Reflecting on the coming decade, he said the industry shipped 6 hexabytes in 2009, but by 2013, this will go up to 70 hexabytes. He cautioned that bringing in new capacity in the industry could turn out to be expensive and tough.

Flash markets are still young, and most of the growth lies ahead. Especially, in areas such as legacy/consumer, mobile and computing.  Flash is present in legacy/consumer devices such as digital cameras, digital camcorders, GPS, MP3 players, gaming, USB flash drives, eBooks, as well as in mobile/computing, such as netbooks, notebooks, tablets, MIDs, servers, enterprise, etc. Flash is also to be seen in automotive, industrial, medical and military applications.

Dr. Harari pointed out that the iPhone/smartphones and tablets had now emerged as the ‘new PC’. The year 2006 was the inflection point where notebook PCs and smartphones shipments broke away from desktop PCs. Now, the shipments of notebook PCs and smartphones were dwarfing shipments of desktop PCs.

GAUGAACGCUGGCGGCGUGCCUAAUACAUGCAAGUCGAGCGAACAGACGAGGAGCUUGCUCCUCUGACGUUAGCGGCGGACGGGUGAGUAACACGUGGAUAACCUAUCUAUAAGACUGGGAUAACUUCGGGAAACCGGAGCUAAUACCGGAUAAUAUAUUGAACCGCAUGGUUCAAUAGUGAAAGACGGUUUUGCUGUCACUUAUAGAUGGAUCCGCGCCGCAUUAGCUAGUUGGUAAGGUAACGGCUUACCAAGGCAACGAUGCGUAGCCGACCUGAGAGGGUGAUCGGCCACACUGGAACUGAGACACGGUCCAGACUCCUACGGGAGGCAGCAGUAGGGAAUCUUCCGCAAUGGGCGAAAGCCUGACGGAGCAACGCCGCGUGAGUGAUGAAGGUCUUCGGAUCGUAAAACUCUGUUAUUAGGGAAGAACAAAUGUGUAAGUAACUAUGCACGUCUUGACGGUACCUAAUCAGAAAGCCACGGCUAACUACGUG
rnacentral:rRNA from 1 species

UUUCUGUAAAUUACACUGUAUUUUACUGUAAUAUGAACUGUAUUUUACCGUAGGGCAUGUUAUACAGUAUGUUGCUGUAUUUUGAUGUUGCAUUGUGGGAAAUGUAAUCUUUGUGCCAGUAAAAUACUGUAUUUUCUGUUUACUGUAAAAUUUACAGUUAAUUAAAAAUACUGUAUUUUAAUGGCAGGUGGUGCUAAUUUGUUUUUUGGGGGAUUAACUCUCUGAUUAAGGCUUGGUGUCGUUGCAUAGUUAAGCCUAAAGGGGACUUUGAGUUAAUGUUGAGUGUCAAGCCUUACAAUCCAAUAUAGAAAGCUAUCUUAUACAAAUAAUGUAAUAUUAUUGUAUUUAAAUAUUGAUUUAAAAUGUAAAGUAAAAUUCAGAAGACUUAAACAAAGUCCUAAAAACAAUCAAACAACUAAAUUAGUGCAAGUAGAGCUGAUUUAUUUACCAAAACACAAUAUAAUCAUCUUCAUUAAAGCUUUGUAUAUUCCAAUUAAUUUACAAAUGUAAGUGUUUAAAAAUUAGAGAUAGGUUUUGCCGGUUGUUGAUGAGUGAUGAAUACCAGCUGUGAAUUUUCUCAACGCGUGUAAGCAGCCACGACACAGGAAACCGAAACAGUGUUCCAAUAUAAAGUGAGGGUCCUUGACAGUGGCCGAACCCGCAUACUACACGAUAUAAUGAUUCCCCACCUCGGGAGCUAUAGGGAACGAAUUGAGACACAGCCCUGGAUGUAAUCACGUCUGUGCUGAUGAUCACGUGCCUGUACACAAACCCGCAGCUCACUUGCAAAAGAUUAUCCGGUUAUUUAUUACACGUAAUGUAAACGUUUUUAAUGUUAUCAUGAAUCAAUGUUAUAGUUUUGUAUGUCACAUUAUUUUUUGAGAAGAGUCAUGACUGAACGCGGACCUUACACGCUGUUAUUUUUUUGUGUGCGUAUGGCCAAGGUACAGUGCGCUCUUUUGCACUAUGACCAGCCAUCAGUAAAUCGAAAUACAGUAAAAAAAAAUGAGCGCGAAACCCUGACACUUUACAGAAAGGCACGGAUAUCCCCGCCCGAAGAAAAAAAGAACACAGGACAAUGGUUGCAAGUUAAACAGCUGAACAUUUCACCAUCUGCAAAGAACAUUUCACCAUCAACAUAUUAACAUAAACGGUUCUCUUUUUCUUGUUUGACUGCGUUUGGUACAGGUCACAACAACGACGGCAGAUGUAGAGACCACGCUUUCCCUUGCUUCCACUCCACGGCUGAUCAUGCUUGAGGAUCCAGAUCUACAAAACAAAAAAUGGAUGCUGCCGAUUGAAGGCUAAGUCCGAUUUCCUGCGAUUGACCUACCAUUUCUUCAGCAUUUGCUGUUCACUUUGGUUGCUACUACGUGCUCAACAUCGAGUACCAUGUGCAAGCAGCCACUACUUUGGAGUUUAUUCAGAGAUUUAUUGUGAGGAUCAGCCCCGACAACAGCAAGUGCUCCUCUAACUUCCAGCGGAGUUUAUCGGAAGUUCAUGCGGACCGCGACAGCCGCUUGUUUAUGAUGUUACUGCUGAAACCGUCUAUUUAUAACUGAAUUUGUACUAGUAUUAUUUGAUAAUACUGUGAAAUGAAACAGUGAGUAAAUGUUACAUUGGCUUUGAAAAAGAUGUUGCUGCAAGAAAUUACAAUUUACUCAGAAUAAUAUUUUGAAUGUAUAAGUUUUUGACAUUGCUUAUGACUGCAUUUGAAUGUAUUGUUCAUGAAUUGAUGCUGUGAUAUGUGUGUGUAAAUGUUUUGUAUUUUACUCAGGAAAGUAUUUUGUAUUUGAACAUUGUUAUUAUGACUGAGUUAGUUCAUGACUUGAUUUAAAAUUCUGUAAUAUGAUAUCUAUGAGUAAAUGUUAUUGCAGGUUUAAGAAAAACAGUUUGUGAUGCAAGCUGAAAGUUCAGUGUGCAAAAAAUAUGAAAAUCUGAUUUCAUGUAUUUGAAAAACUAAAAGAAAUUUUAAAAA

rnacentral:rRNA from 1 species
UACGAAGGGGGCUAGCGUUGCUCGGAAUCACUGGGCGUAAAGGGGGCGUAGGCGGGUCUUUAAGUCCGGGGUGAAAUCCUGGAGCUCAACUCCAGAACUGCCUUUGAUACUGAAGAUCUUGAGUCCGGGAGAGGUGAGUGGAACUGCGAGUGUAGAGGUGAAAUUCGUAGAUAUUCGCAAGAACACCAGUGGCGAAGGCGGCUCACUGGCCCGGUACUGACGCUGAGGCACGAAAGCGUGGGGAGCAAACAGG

He presented an interesting example of the growing semiconductor content in iPhones:
* 2007 — iPhone 2.5G — 4, 8, 16 GB.
* 2008 — iPhone 3G — 8, 16 GB.
* 2009 — iPhone 3G S — 16, 32 GB.

NAND accounted for nearly 40 percent of the semiconductor content in the iPhone, closely followed by the LCD. Other key ingredients getting into an iPhone include the camera/module, baseband, AP, DRAM, WiFi and RF.

Flash SSD to be massive
According to Dr. Harari, flash SSD will grow significantly in the coming decade. While the SSD adoption is still in the early stages, the market is likely to accelerate in 2011 with 2x nm NAND. The tipping point had been reached with1x nm NAND.